Sustainability is one of the great topics in construction, and the new regulatory systems bring zero energy buildings (ZEB) and nearly zero-energy buildings (NZEB) to the table.  The growing worldwide demand for energy and significant environmental issues such as climate change, natural resource conservation, pollution, ecology, and population has consequently forced ZEBs and NZEBs to emerge in the construction sector.

AEDAS Homes works to create nearly zero-energy buildings (NZEB)

At REBUILD, Diego Demaría, AEDAS Homes Installations Manager, took part in the meeting entitled “The role of gas and heating/cooling within the circular economy”, together with Martí Colomer, of ACV España.

Both speakers discussed the efficient functioning of a built-up space, which depend both on the materials used in its construction and on the type of energy and equipment selected. Diego Demaría underlined the endeavour being made at AEDAS Homes in favour of energy sustainability, employing existing certifications like the BREEAM seal or adherence to the guidelines in the Green Paper published by the company to foster energy performance in all its developments.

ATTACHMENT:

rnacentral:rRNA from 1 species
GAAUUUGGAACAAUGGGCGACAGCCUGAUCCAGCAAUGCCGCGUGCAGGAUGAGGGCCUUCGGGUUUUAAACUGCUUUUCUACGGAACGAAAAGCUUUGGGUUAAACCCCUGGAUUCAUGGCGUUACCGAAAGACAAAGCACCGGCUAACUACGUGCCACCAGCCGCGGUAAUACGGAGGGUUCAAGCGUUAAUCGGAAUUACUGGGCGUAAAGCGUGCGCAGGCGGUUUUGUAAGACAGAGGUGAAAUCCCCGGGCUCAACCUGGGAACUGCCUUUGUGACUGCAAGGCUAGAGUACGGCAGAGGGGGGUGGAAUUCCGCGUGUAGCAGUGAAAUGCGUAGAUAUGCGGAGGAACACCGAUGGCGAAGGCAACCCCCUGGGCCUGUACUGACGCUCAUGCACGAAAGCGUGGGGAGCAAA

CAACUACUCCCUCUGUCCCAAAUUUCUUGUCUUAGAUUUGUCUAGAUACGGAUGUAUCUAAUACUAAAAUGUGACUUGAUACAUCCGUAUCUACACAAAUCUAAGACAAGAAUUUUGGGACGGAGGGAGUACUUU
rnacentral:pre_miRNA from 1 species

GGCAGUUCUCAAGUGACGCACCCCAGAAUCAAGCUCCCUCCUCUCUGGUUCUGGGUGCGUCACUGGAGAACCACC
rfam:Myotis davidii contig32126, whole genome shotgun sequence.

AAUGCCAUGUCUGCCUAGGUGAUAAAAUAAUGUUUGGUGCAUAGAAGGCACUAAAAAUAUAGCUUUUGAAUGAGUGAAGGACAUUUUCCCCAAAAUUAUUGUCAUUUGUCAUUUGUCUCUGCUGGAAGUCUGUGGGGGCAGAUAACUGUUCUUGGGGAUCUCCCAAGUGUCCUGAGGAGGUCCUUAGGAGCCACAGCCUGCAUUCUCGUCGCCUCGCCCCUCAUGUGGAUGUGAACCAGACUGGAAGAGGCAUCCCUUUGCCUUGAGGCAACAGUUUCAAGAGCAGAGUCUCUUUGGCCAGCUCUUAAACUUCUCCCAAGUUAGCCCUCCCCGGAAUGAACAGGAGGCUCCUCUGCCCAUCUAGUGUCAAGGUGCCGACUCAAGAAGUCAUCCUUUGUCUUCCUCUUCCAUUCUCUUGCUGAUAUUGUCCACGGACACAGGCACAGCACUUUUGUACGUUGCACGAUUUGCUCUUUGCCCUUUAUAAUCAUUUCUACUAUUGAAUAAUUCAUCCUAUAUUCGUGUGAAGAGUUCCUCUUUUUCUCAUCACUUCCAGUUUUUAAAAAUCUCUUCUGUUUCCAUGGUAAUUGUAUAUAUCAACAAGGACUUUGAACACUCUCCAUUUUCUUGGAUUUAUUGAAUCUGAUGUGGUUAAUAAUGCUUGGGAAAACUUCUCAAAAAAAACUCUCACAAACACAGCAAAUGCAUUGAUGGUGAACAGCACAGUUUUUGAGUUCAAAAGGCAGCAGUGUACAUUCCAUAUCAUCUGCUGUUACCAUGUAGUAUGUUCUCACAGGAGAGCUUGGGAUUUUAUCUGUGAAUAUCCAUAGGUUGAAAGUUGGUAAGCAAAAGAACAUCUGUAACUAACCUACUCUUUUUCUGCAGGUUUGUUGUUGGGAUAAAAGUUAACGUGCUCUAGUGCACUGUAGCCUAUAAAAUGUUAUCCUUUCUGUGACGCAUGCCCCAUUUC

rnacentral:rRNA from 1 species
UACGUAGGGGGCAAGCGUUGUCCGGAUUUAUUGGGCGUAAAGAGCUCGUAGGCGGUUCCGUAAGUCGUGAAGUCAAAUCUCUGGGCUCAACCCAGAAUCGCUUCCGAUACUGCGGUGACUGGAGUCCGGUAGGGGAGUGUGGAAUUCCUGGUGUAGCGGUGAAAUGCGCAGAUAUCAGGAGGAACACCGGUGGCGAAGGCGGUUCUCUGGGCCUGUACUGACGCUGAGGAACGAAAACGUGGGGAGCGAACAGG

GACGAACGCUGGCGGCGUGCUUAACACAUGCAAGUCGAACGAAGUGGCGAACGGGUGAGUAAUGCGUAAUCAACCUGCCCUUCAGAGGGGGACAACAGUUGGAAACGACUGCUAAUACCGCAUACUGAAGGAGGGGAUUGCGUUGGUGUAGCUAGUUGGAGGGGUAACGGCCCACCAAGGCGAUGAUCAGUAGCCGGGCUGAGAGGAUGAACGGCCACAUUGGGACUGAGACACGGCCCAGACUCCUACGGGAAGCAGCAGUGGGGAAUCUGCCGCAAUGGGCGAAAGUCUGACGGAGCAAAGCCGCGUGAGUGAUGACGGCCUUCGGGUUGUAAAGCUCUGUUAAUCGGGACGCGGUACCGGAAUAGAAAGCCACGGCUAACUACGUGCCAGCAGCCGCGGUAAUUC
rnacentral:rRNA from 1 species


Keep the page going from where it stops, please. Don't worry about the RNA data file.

According to Demaría, these steps have enabled the company to “pre-empt the new technical code which is about to come into force and mean we are now working towards achieving nearly zero-energy buildings, compliant with the draft of the new Technical Building Code.”

The AEDAS Homes Installations Manager went over the different types of energy involved from generation through to final consumption: “Customers don’t pay for the useful energy they demand but rather for the final energy they consume, which is determined by the efficiency of the equipment and systems selected in the design stage. It is there that the work must be put in.”

Regarding the use of gas, given that the equipment using this energy source performs less efficiently than today’s heat pumps, Diego Demaría advocated for the use of aerothermal systems as one of the main strategies of today and in the future. “Renewable gas may be its great hope versus working on electricity; gas which is obtained from organic, livestock and agricultural waste, contributing to a circular economy and the transition towards reducing our dependence on carbon-based fuels and lowering greenhouse gas production.”